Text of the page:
Chrysler Town & Country

2016 Chrysler Town & Country

Tucking a lavish array of equipment and a passel of luxury touches into a rapidly aging body yields the only premium-level minivan on the U.S. market. Largely identical in structure and mechanical elements to the Dodge Grand Caravan, the Chrysler Town & Country is priced higher but contains enough features to justify the added expense.

Despite its obsolete underpinnings, the Town & Country is the most luxurious, and perhaps the most flexible, minivan on the American road.

Both the Chrysler and Dodge minivans have a long history, having debuted for the 1984 model year. Each has been a popular item through the years; but those years have taken a toll, in terms of the ability to cope with todays crash-testing programs.

Sole drivetrain of both minivans is a 283-horsepower V6 engine, coupled to a 6-speed automatic and front-wheel drive. Thats entirely sufficient for carrying a large family or group of friends, on long trips or short jaunts. Chrysler does not offer all-wheel drive for them; all are front-wheel drive. And thats the same story with its competitors, except for the Toyota Sienna.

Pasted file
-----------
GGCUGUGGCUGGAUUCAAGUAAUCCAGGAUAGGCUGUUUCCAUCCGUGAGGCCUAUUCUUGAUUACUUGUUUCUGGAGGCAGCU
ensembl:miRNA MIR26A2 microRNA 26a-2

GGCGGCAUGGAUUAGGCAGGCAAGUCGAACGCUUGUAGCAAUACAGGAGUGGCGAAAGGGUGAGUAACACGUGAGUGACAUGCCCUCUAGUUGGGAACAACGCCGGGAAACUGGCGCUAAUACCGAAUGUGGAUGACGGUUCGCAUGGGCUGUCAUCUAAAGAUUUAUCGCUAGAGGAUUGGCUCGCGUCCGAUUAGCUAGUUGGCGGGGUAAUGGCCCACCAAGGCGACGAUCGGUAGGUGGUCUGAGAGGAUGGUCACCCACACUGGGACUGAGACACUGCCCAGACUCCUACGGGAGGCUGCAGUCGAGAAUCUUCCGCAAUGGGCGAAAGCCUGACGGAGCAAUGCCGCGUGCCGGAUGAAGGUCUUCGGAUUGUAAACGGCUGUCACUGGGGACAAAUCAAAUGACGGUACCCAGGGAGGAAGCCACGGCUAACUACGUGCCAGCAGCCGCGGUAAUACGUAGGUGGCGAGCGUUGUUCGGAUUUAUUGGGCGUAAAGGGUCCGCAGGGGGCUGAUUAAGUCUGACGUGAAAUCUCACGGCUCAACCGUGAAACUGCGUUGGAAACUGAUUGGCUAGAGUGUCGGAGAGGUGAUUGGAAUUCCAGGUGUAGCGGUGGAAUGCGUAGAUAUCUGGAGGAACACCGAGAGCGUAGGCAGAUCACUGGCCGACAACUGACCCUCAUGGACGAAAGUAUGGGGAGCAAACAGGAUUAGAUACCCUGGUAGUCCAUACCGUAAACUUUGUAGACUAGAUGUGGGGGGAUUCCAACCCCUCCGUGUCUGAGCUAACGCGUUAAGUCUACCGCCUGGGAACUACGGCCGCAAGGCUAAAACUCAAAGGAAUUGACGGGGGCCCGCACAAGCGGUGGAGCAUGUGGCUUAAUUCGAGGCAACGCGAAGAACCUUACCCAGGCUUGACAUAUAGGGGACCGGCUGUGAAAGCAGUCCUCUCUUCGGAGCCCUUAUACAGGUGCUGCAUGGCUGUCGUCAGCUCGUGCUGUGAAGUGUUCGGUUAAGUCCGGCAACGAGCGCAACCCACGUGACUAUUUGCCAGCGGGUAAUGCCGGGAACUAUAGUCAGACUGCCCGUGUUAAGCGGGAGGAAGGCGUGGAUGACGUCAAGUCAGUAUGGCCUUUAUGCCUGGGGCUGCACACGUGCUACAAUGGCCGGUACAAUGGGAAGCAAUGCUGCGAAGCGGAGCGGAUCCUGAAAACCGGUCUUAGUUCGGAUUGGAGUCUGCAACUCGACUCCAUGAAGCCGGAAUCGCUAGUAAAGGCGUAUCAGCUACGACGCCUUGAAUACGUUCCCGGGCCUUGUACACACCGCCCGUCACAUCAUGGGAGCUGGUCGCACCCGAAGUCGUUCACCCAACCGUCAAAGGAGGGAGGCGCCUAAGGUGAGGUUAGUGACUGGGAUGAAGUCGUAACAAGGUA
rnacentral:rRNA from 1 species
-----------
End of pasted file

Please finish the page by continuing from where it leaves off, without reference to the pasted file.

Chryslers minivans have retained the same basic body style since 2008, though restyled three years later. Thats a considerably advanced age for any type of passenger car. Yet, the Town & Country still looks attractive, at least judged by minivan standards.

Chrysler and Dodge minivans promise good visibility from the drivers seat all around. They also stand out for seating convenience. Stow n Go seating offers one-touch fold-down action. On the connectivity front, a Uconnect technology group ensures convenient control of multiple media sources, along with hands-free phone connectivity. To satisfy frequent Internet users, optional Uconnect Web can transform the minivan into a Wi-Fi hot spot.